quarter of all railroad freight. That’s not small potatoes.

      Three sources of funding

      Fortunately, help is on the way through a combination of FRA loans, a bill
      in Congress that would fund outright grants to small railroads, and
      assistance from Class 1s.

      The FRA’s $3.5 billion Railroad Rehabilitation and Improvement Financing
      Program, or RRIF, was maligned earlier this year because of delays in
      turning on the loan spigot. The program was approved by Congress in 1998,
      but no money was made available for nearly three years while the FRA drew up
      loan guidelines. But now the money – $1 billion in loans earmarked for short
      lines and regionals – is starting to flow.

      Struggling carrier I&M Rail Link, whose financial situation was made more
      precarious by this spring’s flood damage, has received FRA approval for a
      $100 million loan. The money will help the Midwest regional refinance its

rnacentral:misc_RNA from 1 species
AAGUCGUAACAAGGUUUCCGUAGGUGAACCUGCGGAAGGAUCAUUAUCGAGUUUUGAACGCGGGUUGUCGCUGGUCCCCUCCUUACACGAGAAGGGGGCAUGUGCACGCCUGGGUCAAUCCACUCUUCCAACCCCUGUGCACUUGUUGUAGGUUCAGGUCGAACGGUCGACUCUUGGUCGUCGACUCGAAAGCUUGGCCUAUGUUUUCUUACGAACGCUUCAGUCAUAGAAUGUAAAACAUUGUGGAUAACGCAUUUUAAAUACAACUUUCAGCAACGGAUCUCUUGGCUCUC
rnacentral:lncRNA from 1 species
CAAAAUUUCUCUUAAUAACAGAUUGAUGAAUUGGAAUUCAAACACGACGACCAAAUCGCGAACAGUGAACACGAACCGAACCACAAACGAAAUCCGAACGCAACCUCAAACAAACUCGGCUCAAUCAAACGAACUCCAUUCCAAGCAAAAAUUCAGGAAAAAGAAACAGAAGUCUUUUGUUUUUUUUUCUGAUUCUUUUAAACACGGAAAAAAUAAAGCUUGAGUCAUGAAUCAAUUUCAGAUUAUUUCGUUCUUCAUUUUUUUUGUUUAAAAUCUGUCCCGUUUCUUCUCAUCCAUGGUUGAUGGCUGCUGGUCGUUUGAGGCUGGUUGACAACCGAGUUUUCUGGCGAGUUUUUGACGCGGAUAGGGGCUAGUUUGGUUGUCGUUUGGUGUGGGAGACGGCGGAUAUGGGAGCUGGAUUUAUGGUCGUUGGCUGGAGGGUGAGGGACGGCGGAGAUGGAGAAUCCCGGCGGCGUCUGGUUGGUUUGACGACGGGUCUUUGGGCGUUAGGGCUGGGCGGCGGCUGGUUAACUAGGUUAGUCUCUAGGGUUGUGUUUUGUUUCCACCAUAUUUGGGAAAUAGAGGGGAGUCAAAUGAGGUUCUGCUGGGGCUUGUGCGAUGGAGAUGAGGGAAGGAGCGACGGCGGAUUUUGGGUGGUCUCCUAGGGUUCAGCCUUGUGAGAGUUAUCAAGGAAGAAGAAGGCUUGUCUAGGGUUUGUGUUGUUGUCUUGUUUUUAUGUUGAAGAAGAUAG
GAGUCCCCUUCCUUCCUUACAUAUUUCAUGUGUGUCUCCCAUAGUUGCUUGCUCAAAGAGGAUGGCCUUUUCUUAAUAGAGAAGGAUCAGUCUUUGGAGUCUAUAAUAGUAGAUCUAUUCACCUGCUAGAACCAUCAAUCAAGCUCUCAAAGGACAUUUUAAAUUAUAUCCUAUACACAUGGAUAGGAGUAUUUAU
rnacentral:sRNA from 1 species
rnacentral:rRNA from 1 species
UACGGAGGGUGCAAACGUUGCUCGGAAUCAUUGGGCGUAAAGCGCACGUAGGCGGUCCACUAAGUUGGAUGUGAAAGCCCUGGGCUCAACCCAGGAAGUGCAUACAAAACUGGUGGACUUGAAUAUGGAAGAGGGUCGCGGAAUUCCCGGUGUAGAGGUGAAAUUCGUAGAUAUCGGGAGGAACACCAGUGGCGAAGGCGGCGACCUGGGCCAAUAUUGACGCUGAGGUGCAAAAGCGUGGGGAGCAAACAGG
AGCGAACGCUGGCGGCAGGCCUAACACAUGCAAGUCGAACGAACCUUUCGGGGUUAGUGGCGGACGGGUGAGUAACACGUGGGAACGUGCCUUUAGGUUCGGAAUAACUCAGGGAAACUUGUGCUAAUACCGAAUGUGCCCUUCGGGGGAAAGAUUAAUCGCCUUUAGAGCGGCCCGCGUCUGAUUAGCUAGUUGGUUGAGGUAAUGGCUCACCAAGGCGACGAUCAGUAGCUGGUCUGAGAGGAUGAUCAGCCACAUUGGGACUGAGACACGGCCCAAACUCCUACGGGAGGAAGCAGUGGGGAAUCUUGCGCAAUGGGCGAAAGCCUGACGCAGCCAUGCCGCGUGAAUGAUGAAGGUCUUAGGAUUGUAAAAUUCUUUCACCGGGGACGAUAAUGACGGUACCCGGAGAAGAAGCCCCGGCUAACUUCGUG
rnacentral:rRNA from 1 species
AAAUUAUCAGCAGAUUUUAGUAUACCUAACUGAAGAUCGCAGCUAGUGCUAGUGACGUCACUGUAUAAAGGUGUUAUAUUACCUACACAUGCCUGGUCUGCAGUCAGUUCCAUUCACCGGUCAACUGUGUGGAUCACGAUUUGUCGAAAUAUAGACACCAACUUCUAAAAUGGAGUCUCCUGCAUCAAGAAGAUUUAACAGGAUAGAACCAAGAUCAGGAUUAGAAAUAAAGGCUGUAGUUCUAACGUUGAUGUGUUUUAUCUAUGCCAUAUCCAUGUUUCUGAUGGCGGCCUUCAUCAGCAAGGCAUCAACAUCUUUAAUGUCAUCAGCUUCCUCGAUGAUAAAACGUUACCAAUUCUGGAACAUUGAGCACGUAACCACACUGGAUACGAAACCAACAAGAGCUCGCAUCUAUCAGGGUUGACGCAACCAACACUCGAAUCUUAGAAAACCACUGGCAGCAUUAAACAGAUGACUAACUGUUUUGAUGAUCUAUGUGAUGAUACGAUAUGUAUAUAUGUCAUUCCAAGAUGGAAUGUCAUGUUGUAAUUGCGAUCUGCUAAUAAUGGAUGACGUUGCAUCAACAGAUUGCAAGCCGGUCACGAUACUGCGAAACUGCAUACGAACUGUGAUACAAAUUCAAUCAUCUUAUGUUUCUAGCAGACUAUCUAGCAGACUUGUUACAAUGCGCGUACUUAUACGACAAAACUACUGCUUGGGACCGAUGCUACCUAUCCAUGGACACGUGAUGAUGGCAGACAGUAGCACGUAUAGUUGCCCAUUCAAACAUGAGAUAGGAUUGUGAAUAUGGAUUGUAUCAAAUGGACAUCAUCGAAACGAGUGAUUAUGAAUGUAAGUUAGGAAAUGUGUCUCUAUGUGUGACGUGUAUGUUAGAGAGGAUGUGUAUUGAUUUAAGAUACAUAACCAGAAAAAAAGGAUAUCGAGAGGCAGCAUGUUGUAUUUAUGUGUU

existing debt and launch a major five-year track improvement program. “This
      loan ensures quality rail traffic throughout Iowa and helps Iowa businesses
      and industries move their product efficiently to other parts of the
      country,” said U.S. Sen. Charles Grassley of Iowa. “I&M will now have the
      opportunity to make significant improvements to its service.”

      More than 20 railroads have expressed interest in the program, under which
      the FRA acts as a lender of last resort when railroads are refused by
      private lenders. Five railroads – the Tex-Mex; Arkansas & Missouri; Dakota,
      Minnesota & Eastern; Mt. Hood of Oregon; and Livonia, Avon & Lakeville of
      New York – have requested a total of $140 million, and are at various stages
      in the application process, according to the FRA.

      Meanwhile, a bill in Congress, H.R. 1020, would provide small railroads with
      outright grants for infrastructure improvements, particularly those needed
      to support “286” cars. The three-year program, if approved, would earmark
      $350 million a year for three years for direct grants. The bill has been
      approved by the House Transportation Committee, but has yet to come to a
      vote on the floor. It enjoys bipartisan support, however.

      “Certainly the large railroads will benefit from passage of the bill and
      stabilization of light density rail infrastructure,” Turner told Congress.
      “One way to think of the more than 500 shortline and regional railroads…is